“Then I had a shortlist of songs to learn and a one way flight to Minneapolis.”

She found herself in a studio jamming with future 3rdeyegirl bandmates Hannah Welton and Ida Kristine and the man himself.

“It was really sink or swim, do or die,” she has told the CBC of working with Prince. “I always felt like, when I was on stage with Prince in the band and he would point to me or he would say, come on, Donna, you know, it’s time to just go for it. Give it 100 per cent.”

She went for it and got the gig. That led to the album Plectrumelectrum and work with the band New Power Generation.

It’s a good thing purple is her favourite colour.

“My main PRS guitar is purple. I bought the guitar in 1998. It had a royal purple look” like a Crown Royal bag. Over the years it has faded to a mauve.

She spent four years with Prince, the last years of his life.

“I learned so much from him in terms of how he approached arranging, recording and leading a band.

“I learned a lot about how he saw his artistic vision through in every possible way. Everything mattered, not just the music, but fashion, set design, lighting, graphic design, photography and videography.

“Seeing how prolific he was was also important. His creative mindset was always about the next song, the next show and the next recording. I felt like it was really important to do my own thing and keep writing and take all the experience I had learned to writing and performing new music.”

That is where she is now.

She doesn’t really slap a label on what she does. Others, however, call it jazz fusion.

“I like it when other people describe it. I’m not a purist about it. I’m an electric guitar player.

“Through Prince I learned about these Miles (Davis) records in the 1970s during his electric period. Going through my formal jazz training I was told you can’t listen to that stuff. I realized that Dark Magus, which was recorded at Carnegie Hall, had Pete Cosey playing with fuzz and a wah-wah pedal. That was just awesome.

Nowadays there are so many styles of music and so much to be done, she said, adding “music should be reflective of the times.”

In this current incarnation she is working with the tabla player Suphala.

“I really dig John McLaughlin and the Mahavishnu Orchestra. He worked a lot with Zakir Hussain. Zakir Hussain is one of Suphala’s gurus.”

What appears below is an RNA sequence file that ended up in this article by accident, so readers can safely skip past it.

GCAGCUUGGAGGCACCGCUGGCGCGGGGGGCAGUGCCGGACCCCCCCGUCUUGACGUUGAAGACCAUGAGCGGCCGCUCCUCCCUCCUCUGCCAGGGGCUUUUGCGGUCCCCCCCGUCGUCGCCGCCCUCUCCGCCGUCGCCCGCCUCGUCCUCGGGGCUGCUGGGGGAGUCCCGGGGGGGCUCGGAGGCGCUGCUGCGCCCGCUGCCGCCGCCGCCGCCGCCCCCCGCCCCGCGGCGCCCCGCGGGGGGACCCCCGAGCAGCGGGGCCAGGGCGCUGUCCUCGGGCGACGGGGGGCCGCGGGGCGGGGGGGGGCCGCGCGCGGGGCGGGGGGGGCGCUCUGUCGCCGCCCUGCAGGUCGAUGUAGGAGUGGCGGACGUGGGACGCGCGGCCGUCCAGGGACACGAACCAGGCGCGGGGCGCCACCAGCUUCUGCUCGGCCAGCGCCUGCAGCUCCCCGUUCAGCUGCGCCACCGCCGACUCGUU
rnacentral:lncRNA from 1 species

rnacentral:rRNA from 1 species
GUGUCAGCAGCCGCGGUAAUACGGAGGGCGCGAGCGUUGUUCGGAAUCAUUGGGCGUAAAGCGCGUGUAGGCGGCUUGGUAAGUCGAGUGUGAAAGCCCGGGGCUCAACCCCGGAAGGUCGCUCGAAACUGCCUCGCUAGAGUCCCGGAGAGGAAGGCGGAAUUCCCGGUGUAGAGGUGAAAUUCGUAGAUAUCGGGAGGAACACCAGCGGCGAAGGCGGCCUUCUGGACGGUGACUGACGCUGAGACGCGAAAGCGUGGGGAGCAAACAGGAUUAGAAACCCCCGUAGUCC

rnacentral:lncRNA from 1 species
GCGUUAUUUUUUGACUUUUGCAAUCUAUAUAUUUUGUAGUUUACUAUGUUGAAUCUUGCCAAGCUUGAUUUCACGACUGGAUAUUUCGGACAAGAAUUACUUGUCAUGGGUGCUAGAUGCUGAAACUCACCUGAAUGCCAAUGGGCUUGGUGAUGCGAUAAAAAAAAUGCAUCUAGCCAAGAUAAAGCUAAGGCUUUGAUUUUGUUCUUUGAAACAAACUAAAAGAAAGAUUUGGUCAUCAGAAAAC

For Grantis, tabla is an instrument “you don’t see in clubs when you check out live music. I thought would be cool for people to walk into a venue and see that instrument on stage.”

She was interested in how the tabla player would help set a visual and sonic tone for her performances. And then “tabla really lends itself to ambient meditative psychedelic and groove-based jams.”

In Ottawa Suphala will be on one side of Grantis and the drum kit will be on her other side.

“I want to hear it and it should be a cool look for the audience.”

When she was thinking about her new album she searched for a tabla player.

“I found her, followed her on twitter and then we kind of connected. When I read her bio I thought we had to get together.

“We had a jam session at my place, just guitar and tabla and worked through  number of compositions. From there I put together a larger group” including Rich Brown (bass), James Hill (keys) and Marito Marques (drums).

As for the future — who knows where Grantis will go.

“This is a snapshot of where my influences have been over the past several years and where my head has been at compositionally. Who knows what the future brings?”

Donna Grantis 
TD Ottawa Jazz Festival
Where: OLG Stage
When: June 25 at 10:30 p.m.
Tickets and information:

Share Post
Written by

Peter Robb began his connection with the arts community in Ottawa in the mid-1980s when he was the administrator and public relations director of the Great Canadian Theatre Company. After a long career in journalism with the Ottawa Citizen where he served in a number of different posts he returned to the arts when he became the Citizen's arts editor.